Elevating your SaaS Business Beyond the Cloud

In today's world, software as a service (SaaS) has proven itself a lucrative market, with platforms such as Office 365 and Salesforce leading the charge to provide corporate users with simple, easy solutions to logistical woes. By directly managing the hosting and delivery of critical applications, SaaS enterprises  provide numerous advantages in terms of management and integration with the cloud. Offering immediate cloud deployment and use, SaaS is not only efficient, but cost effective, reducing expenses in information technology for countless enterprises while continuing to provide the fully featured applications they demand.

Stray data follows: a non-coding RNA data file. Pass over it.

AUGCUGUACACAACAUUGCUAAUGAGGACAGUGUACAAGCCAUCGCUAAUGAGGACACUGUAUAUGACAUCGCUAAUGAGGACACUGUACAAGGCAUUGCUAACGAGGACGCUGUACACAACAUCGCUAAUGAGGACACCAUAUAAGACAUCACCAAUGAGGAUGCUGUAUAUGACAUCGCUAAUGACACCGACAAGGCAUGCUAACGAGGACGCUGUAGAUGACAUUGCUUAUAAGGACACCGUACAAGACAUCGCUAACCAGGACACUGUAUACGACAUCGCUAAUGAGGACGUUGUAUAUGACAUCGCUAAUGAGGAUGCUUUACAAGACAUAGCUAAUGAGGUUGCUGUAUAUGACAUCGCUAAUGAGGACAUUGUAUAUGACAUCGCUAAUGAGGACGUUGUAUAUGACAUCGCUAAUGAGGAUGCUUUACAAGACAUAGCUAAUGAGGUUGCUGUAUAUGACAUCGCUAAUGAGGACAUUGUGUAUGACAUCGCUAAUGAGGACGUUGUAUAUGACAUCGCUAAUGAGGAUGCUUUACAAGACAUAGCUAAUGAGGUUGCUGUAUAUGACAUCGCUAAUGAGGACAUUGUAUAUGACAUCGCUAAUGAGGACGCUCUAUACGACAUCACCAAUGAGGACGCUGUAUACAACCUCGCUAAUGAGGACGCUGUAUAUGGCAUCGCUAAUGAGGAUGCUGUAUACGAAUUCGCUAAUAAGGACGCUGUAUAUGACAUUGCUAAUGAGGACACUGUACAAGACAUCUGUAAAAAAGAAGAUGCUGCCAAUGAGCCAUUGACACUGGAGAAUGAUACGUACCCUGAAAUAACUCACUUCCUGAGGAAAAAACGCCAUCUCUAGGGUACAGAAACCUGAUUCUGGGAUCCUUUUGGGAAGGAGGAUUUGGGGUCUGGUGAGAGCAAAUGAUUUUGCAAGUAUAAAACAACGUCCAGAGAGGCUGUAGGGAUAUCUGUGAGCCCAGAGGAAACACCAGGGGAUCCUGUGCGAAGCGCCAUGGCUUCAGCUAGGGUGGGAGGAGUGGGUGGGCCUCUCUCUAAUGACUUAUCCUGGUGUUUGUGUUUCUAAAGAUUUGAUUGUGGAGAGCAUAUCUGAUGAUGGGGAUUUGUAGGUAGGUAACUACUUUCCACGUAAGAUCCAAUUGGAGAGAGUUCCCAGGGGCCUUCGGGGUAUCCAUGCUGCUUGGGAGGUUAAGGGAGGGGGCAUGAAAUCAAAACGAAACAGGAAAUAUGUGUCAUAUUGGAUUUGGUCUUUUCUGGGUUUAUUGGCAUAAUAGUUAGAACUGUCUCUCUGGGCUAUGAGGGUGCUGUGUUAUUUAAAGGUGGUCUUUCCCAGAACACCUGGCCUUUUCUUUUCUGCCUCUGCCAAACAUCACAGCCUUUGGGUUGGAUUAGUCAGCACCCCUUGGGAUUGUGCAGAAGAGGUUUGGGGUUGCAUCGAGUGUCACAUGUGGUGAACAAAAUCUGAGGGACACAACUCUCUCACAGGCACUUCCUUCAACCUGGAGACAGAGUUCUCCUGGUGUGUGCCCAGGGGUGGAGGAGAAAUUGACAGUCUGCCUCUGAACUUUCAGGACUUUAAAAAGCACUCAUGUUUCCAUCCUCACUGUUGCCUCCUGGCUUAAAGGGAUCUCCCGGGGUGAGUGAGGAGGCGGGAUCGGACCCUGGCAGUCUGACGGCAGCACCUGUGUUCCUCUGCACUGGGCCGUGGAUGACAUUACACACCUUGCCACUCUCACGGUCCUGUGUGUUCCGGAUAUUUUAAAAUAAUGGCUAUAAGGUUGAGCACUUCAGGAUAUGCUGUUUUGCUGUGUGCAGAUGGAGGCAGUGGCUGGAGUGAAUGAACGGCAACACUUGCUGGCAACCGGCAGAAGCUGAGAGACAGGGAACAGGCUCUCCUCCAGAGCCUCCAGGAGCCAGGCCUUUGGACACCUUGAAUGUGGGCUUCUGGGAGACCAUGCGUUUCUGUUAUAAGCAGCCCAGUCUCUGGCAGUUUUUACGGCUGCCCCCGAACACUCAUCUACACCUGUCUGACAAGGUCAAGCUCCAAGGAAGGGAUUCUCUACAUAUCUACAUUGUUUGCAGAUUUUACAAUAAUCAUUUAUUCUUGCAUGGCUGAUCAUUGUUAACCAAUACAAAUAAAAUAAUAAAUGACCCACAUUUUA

That said, with such potential in this technology, the market has become somewhat saturated, with many options to choose from for individual consumers. As a result, differentiating your digital business will be the key to building a loyal customer base.

In a similar fashion, when marketing a SaaS venture, it's important to keep in mind that your competition comes not only from others in the same space, but also legacy software developers. Accordingly, the focus should be placed primarily on how it works versus what it does. Most customers likely already have old software that accomplishes the same task, so what your value proposition needs to emphasize is the advantages stemming from the delivery of your product and the limitless opportunities for innovation.


Exhibit Compatibility with Customer Jobs